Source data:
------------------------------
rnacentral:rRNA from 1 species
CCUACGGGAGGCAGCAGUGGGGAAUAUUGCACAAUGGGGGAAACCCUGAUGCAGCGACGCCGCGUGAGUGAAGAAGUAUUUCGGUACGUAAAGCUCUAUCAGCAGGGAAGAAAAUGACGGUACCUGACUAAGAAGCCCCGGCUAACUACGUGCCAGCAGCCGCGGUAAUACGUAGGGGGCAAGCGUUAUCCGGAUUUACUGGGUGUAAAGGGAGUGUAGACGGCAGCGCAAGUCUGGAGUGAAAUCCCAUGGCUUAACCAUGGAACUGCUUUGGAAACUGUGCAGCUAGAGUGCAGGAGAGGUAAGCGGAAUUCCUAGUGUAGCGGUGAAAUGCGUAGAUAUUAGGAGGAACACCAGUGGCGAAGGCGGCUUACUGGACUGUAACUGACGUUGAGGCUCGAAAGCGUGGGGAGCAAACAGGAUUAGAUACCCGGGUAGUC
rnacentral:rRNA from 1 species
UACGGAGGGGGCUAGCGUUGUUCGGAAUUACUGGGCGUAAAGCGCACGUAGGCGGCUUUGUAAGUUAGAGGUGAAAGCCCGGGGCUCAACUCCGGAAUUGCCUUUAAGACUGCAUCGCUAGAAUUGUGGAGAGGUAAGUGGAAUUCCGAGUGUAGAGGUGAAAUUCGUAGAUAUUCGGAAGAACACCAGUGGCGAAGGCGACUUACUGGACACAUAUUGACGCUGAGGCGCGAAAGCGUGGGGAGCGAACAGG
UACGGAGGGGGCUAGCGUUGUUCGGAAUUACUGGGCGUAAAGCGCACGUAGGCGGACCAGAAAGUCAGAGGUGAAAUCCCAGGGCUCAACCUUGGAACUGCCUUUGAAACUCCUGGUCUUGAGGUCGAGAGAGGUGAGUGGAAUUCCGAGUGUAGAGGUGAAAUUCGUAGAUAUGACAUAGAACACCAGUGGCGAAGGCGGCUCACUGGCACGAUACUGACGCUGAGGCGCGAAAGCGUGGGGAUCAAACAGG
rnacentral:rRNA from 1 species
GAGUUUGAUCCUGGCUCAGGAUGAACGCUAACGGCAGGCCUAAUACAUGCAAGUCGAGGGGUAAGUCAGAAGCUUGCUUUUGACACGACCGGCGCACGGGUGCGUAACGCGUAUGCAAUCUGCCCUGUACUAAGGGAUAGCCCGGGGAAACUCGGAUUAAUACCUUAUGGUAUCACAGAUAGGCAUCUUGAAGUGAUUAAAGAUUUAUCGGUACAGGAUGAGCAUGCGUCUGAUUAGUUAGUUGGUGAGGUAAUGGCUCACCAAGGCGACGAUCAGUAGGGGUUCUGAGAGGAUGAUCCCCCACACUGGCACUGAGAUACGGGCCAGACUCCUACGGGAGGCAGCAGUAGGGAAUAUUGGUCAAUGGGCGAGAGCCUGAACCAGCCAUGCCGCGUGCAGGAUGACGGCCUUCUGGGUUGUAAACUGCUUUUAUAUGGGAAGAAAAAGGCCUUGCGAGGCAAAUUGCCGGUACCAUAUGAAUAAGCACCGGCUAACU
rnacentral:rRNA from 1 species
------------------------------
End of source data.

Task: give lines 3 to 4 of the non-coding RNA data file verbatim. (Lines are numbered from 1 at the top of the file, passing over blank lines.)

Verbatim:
rnacentral:rRNA from 1 species
UACGGAGGGGGCUAGCGUUGUUCGGAAUUACUGGGCGUAAAGCGCACGUAGGCGGCUUUGUAAGUUAGAGGUGAAAGCCCGGGGCUCAACUCCGGAAUUGCCUUUAAGACUGCAUCGCUAGAAUUGUGGAGAGGUAAGUGGAAUUCCGAGUGUAGAGGUGAAAUUCGUAGAUAUUCGGAAGAACACCAGUGGCGAAGGCGACUUACUGGACACAUAUUGACGCUGAGGCGCGAAAGCGUGGGGAGCGAACAGG